the Corporation that I work for changed the classification of my position from salaried/exempt to hourly/non-exempt. Can I quit and collect unemployment? Do I have any options to fight this?

My position duties or expectations did not change. but they are changing the classification from salaried to hourly.

1 answer  |  asked Nov 7, 2016 4:59 PM [EST]  |  applies to California

Answers (1)

Marilynn Mika Spencer
The important issue is not whether you are paid a salary or paid hourly, but whether you are exempt from overtime or not exempt from overtime. An employee can only be exempt from overtime based on the what the law says, not based on what your employer decides.

Being paid a salary has nothing to do with how much you should be paid. Being paid a salary as opposed to being paid hourly is just for the convenience of the employer. Usually it is to an employee's benefit to be classified as non-exempt.

Most likely your employer changed you from salaried/exempt to hourly/non-exempt because it had incorrectly (that is, illegally) mis-classified you as exempt when you should have been classified as non-exempt.

The law assumes all employees are entitled to overtime, so the employer has to prove that someone is not. If you are non-exempt, you are legally entitled to overtime after 8 hours per day or 40 hours per week, per California law.

Also, if you are non-exempt, in an 8 hour work day you are entitled to at least 30 minutes for a meal break. You are entitled to two rest breaks of at least 10 minutes. If you are not allowed these breaks, you are probably entitled to an extra hour's pay for each day in which you did not receive a meal break, and also an extra hour of pay for each day in which you did not receive one or both rest breaks.

If you are not paid all overtime and other time due to you at the time your employment ends, you are entitled to waiting time penalties. This means your pay continues after your last work day; this pay continues until you are paid in full for all past due wages (including overtime and vacation pay), up to a maximum of 30 days. Note these are calendar days, not work days. You are also entitled to interest at the statutory rate of 10 per cent per annum.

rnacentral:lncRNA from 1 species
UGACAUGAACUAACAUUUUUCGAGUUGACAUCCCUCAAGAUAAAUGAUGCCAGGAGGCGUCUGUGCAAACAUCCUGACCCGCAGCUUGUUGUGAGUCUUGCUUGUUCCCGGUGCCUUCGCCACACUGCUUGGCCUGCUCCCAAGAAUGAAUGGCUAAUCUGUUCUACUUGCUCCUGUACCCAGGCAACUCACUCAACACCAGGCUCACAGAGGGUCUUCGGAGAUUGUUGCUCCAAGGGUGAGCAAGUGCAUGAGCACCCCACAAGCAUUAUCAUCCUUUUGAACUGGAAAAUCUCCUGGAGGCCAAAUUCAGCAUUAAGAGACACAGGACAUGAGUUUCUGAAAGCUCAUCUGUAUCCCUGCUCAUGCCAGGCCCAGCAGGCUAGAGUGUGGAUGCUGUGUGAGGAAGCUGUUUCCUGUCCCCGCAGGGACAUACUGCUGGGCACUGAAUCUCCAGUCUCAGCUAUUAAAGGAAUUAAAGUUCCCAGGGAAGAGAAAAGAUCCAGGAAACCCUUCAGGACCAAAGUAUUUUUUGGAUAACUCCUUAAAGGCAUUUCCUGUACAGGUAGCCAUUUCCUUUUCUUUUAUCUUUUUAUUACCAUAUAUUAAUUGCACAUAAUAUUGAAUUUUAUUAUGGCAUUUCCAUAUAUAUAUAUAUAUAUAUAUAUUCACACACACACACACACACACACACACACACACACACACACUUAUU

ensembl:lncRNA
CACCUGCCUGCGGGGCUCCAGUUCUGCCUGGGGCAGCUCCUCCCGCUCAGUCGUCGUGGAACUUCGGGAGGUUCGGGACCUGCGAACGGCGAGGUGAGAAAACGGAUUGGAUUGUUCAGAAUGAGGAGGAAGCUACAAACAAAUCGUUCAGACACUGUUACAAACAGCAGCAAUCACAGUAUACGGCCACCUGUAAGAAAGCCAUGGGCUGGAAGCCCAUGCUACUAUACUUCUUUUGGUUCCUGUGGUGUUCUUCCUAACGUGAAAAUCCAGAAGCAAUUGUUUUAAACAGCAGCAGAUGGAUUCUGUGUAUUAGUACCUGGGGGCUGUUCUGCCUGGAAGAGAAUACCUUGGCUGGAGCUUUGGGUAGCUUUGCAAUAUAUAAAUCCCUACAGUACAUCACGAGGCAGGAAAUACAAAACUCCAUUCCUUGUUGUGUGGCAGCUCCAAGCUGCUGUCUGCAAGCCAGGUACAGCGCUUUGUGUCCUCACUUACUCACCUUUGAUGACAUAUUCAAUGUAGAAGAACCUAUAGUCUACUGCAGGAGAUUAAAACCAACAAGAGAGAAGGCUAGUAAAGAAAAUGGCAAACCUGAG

So why would you want to be exempt from overtime?

It is not always easy to determine if an employee is exempt or not. An incomplete summary of the three main categories of employees who are exempt are:

EXECUTIVE/MANAGERIAL: The employee: has duties involving management of the full enterprise or a recognized division; customarily directs two or more employees; can hire or fire, or whose recommendations are given weight; regularly exercises independent judgment; earns a salary of $3,120 per month or more; and does all of this at least 51 per cent of the time.

ADMINISTRATIVE: The employee: performs office or non-manual work that is directly related to management policies or business operations OR performs administrative functions in a school in work directly related to instruction; regularly exercises independent judgment; regularly and directly assists an owner or bona fide executive or administrator; performs specialized or technical work under only general supervision; executes special assignments; earns a salary of $3,120 per month or more; and does all of this at least 51 per cent of the time.

PROFESSIONAL: The employee: is licensed to practice law, medicine, dentistry, optometry, architecture, engineering, teaching or accounting; works in (a) a learned or artistic professions that requires advanced knowledge in a field or science acquired by specialized instruction, or (b) works in a recognized artistic field, or (c) works in an intellectual capacity;and does all of this at least 51 per cent of the time.

Please do not try to decide if your job is exempt or not based on the above summaries; as I said, they are incomplete. Also, there are a number of jobs and circumstances that are exempt from overtime: http://bit.ly/18Xt68G.

If you worked overtime or were not allowed to take breaks before the change in your classification – so that you may be entitled to overtime pay or to missed-break penalties – you will be well-served to speak with one or more plaintiffs employment attorneys with whom you can discuss the details of your employment.

To find a plaintiffs employment attorney in California, please go to the web site of the California Employment Lawyers Association (CELA). CELA is the largest and most influential bar association in the state for attorneys who represent working people. The web site is www.cela.org. Click on "Find a CELA Member" and you can search by location and practice area. Many CELA attorneys represent clients throughout the state.

I hope there is a good resolution to this situation.

posted by Marilynn Mika Spencer  |  Nov 7, 2016 7:53 PM [EST]

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